Newsom Declares Emergency Over Tropical Storm Hilary

( – Tropical Storm Hilary moved over Southern California last weekend, flooding roads and downing trees after inundating Mexico’s dry Baja California Peninsula on Sunday, CBS News reported.

Over the weekend, Governor Gavin Newsom declared a state of emergency while FEMA announced that its officials were on standby along with the state’s emergency preparedness office.

Hilary was the first tropical storm to make landfall in Southern California in 84 years. The storm dumped over 6 inches of rain in some mountain communities and was forecasted to bring more than a year’s worth of rain to inland desert areas.

The tropical storm made landfall in a sparsely populated area of the Mexican coast last Sunday before moving through Tijuana. By Sunday evening, Hilary was over San Diego before heading north to inland desert areas. The National Weather Service warned of significant flooding northeast of Los Angeles in the populous mountain areas along the coast.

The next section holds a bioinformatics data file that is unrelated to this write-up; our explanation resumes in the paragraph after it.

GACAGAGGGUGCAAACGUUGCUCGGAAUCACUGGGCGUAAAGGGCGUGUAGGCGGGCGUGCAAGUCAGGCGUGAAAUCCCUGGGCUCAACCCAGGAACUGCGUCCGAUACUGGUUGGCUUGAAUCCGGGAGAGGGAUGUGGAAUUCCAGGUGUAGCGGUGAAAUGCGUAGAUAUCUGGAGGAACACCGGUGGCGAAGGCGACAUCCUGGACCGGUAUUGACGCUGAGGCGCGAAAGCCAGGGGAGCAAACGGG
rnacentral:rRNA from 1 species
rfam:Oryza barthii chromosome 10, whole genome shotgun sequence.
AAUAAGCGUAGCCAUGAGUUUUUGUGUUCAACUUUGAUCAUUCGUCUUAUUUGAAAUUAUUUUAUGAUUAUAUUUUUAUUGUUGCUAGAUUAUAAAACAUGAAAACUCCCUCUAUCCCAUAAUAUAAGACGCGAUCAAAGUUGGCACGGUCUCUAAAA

From San Diego to Los Angeles, mudslides spilled onto highways as water flooded roads, leaving dozens of cars trapped in typically dry Palm Desert and other communities in the Coachella Valley. LA Unified School District announced that schools would be closed on Monday while schools in San Diego moved the first day of classes to Tuesday.

Nevada Governor Joe Lombardo declared a state of emergency, activating 100 National Guard troops to assist in the event of flooding in Clark and Nye Counties in the west and Esmeralda County in the south. Meanwhile, in Arizona, winds gusted to nearly 60 mph in Yuma County where officials provided thousands of sandbags in case of flooding.

In Mexico, the cities of Tijuana and Ensenada closed beaches and opened shelters at sports complexes and government buildings. On Saturday, one person drowned in Santa Rosalia after a family’s vehicle was swept away by an overflowing stream. 

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